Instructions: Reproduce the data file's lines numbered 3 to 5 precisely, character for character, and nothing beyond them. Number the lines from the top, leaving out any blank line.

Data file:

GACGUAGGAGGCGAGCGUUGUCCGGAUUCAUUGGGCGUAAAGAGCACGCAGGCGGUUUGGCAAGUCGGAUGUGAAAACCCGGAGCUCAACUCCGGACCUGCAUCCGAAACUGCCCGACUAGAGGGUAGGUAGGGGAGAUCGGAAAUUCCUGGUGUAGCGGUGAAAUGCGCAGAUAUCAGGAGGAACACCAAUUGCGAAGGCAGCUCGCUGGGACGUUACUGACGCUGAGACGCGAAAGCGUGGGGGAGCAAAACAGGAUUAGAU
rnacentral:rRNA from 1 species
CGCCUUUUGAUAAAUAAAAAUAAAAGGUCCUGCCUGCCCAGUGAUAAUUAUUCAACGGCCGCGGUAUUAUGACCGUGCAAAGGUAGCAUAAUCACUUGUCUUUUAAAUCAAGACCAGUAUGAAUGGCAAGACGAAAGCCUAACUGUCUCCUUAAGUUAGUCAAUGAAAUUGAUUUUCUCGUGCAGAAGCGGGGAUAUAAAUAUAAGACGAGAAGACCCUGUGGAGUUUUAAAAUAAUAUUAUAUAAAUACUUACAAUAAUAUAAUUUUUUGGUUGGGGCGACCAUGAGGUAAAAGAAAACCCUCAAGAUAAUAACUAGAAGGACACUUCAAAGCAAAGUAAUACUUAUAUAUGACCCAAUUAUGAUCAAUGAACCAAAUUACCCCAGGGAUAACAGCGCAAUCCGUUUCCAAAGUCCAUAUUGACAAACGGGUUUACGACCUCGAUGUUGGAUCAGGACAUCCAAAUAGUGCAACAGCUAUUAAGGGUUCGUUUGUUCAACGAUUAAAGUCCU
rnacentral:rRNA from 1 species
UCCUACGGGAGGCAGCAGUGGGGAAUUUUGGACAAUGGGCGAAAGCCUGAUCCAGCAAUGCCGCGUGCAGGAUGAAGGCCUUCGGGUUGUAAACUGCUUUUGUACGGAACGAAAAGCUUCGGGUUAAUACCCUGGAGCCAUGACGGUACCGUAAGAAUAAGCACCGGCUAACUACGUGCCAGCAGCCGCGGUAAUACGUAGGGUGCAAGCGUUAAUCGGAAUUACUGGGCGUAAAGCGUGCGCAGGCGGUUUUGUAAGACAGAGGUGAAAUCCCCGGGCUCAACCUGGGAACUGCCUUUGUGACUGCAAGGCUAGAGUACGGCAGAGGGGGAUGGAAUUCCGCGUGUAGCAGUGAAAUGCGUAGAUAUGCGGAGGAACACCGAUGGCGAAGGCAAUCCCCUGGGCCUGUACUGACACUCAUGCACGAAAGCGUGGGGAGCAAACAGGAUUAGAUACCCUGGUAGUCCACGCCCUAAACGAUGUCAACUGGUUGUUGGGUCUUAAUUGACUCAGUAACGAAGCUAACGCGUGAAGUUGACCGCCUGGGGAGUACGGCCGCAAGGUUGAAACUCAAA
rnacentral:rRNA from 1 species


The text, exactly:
CGCCUUUUGAUAAAUAAAAAUAAAAGGUCCUGCCUGCCCAGUGAUAAUUAUUCAACGGCCGCGGUAUUAUGACCGUGCAAAGGUAGCAUAAUCACUUGUCUUUUAAAUCAAGACCAGUAUGAAUGGCAAGACGAAAGCCUAACUGUCUCCUUAAGUUAGUCAAUGAAAUUGAUUUUCUCGUGCAGAAGCGGGGAUAUAAAUAUAAGACGAGAAGACCCUGUGGAGUUUUAAAAUAAUAUUAUAUAAAUACUUACAAUAAUAUAAUUUUUUGGUUGGGGCGACCAUGAGGUAAAAGAAAACCCUCAAGAUAAUAACUAGAAGGACACUUCAAAGCAAAGUAAUACUUAUAUAUGACCCAAUUAUGAUCAAUGAACCAAAUUACCCCAGGGAUAACAGCGCAAUCCGUUUCCAAAGUCCAUAUUGACAAACGGGUUUACGACCUCGAUGUUGGAUCAGGACAUCCAAAUAGUGCAACAGCUAUUAAGGGUUCGUUUGUUCAACGAUUAAAGUCCU
rnacentral:rRNA from 1 species
UCCUACGGGAGGCAGCAGUGGGGAAUUUUGGACAAUGGGCGAAAGCCUGAUCCAGCAAUGCCGCGUGCAGGAUGAAGGCCUUCGGGUUGUAAACUGCUUUUGUACGGAACGAAAAGCUUCGGGUUAAUACCCUGGAGCCAUGACGGUACCGUAAGAAUAAGCACCGGCUAACUACGUGCCAGCAGCCGCGGUAAUACGUAGGGUGCAAGCGUUAAUCGGAAUUACUGGGCGUAAAGCGUGCGCAGGCGGUUUUGUAAGACAGAGGUGAAAUCCCCGGGCUCAACCUGGGAACUGCCUUUGUGACUGCAAGGCUAGAGUACGGCAGAGGGGGAUGGAAUUCCGCGUGUAGCAGUGAAAUGCGUAGAUAUGCGGAGGAACACCGAUGGCGAAGGCAAUCCCCUGGGCCUGUACUGACACUCAUGCACGAAAGCGUGGGGAGCAAACAGGAUUAGAUACCCUGGUAGUCCACGCCCUAAACGAUGUCAACUGGUUGUUGGGUCUUAAUUGACUCAGUAACGAAGCUAACGCGUGAAGUUGACCGCCUGGGGAGUACGGCCGCAAGGUUGAAACUCAAA